Seven Problems Every Writer Should Solve

Have you heard the saying, “Be a part of the solution, not a part of the problem?” As writers we have a responsibility to make the world a little better for our having been here.

We can think of it this way. The whole world is on a scale (or ruler). At one end we find Godliness, light, peace, and security. At the other we find despair, darkness, pain, and trouble.

Each individual is at some point along the scale between these two outcomes. Every decision we make moves us one way or the other. Not only that, but every interaction me make with someone else influences them one way or the other.

Through the written word we can influence a whole lot of people. Shouldn’t we move them towards light away from darkness? Here are seven problems every writer should seek to solve.

1. Human Trafficking.

The US Department of Justice estimates that every year 14,000 – 17,000 people are brought into the United States as slaves. The worldwide number of slaves is in the millions. Forced labor is only part of the problem. The driving force behind modern slavery is the sex trade.

As writers we must not support prostitution or pornography. Organizations involved in the sex trade encourage slavery and/or perpetuate the attitudes that allow it to exist. Writing done for the adult entertainment industry is nothing more than ad copy for human trafficking.

2. Deforestation.

Industry is a good thing. People have a right to benefit from the creation and sell of wood and paper products. However, companies that remove trees should also be responsible for replacing them.

Writers contribute to the use of tons of paper each year. Image what pressure we could bring if we all demanded responsible land use. We should also seriously consider the use of paperless technologies such as e-books.

3. Censorship.

Free speech is the responsibility to question wrong-doing in the government, the church, and business. Writers, especially journalists, are the first defense against authoritarians who wish to hide their actions.

Censorship, once allowed, has a way of growing until it causes great harm to society. Let’s all think twice before demanding that someone not be allowed legitimate expression of his opinion or beliefs.

4. Book Banning.

A lot of this is the result of well-meaning people acting in ignorance. The Lord of the Rings has been removed from library shelves for promoting witchcraft; Little House on the Prairie, for promoting intolerance. A basic familiarity with these books proves these reasons invalid.

Book Banning is akin to censorship, but more drastic. The removal of books from a society because of content is an extreme action. It should, as a rule, be avoided. Writers should educate the public about the value of books.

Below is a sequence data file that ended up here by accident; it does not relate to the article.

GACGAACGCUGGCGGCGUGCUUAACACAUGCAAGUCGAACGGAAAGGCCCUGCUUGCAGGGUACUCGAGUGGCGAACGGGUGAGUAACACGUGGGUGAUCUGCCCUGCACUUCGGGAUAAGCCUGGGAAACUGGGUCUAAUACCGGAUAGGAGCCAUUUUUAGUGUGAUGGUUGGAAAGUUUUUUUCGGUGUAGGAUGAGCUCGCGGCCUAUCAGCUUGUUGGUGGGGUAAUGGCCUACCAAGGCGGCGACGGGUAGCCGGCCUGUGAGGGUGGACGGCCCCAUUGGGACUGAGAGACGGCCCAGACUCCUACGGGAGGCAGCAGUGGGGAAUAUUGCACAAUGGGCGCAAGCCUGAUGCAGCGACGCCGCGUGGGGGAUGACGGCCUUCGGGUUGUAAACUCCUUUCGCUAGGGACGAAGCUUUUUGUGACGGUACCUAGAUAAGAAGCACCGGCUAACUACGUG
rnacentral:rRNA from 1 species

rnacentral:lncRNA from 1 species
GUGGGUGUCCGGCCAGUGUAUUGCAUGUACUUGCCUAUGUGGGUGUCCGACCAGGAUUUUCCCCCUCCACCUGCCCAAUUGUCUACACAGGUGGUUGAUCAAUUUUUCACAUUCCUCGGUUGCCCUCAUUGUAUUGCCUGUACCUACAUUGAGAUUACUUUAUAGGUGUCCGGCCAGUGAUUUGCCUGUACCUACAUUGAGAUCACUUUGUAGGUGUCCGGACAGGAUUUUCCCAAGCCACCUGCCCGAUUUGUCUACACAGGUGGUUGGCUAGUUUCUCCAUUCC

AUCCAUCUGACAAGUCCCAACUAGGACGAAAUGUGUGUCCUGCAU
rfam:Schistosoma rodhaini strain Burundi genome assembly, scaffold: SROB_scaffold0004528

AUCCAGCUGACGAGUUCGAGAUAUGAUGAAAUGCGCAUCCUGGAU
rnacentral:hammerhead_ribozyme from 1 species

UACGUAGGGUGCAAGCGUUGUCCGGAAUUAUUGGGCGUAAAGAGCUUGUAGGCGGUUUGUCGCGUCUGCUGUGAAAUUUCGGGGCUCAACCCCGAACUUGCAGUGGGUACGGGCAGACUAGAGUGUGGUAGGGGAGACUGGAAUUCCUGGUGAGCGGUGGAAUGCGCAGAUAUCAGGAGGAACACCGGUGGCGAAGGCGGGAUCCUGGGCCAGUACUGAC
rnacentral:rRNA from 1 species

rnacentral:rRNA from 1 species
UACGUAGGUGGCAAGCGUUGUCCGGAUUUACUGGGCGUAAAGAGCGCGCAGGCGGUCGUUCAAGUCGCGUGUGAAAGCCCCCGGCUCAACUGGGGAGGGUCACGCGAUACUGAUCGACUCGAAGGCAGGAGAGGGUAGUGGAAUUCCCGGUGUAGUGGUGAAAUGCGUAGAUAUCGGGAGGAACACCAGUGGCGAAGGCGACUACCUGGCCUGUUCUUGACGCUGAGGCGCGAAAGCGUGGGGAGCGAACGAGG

5. Media Bias.

It’s difficult not to approach a subject, especially an important one, with some amount of bias. However, we ought to save our opinions for the op/ed pieces and keep them out of the ‘hard’ news.

I see way too much news content which is nothing more than propaganda for a particular product, political view, or philosophy. Writers, especially journalists, are called to present the truth as it is, not the truth as advertising dollars say it should be.

6. DRM.

Referred to under names such as Digital Rights Management and Digital Restrictions Software, DRM is a technology generally used by software producers, publishers, and copyright holders to limit consumers’ use of media.

The chief problem with DRMis the unreasonable restrictions it places on people after they’ve paid money to access the content. As writers we must make clear our expectations on this matter to business and government. Our readers are depending on us.

7. Illiteracy.

Fifty Million adults in the United States recognize so few printed words they are limited to a 4th or 5th grade reading level. The level of functional illiteracy is increasing by two million persons each year.

What’s the value in writing if no one can read what you wrote? We have a vested interest in volunteering to tutor readers. Most communities offer some sort of program to help adults learn to read. I imagine your local program would be thrilled to have your assistance.

There are no easy solutions to these seven problems.  I’ve presented them with little commentary from myself. Although, my opinions are somewhat clear.

These issues touch the lives of most — if not all — writers. What do you think should be done about these problems? Have I missed some that you are passionate about?


About James A Woods
Freelance Writer, Constant Learner, Family Man

2 Responses to Seven Problems Every Writer Should Solve

  1. Bruce Byfield says:

    Well, I can’t argue against the causes you mention. However, bysuggesting that writers make them part of their work, you risk encouraging diatribes rather than well-crafted work. Making a cause part of a work of fiction is a difficult art that very few can master.

  2. adamtree says:

    @Bruce — You’re right about the risk of diatribes. Perhaps I should have said something about how a well-integrated message does not equal preachiness.
    Andrew Vachss is good at making a cause (child abuse) part of a work of fiction. He is perhaps best known for his Burke novels, but he also wrote Batman: The Ultimate Evil dealing with human trafficking.

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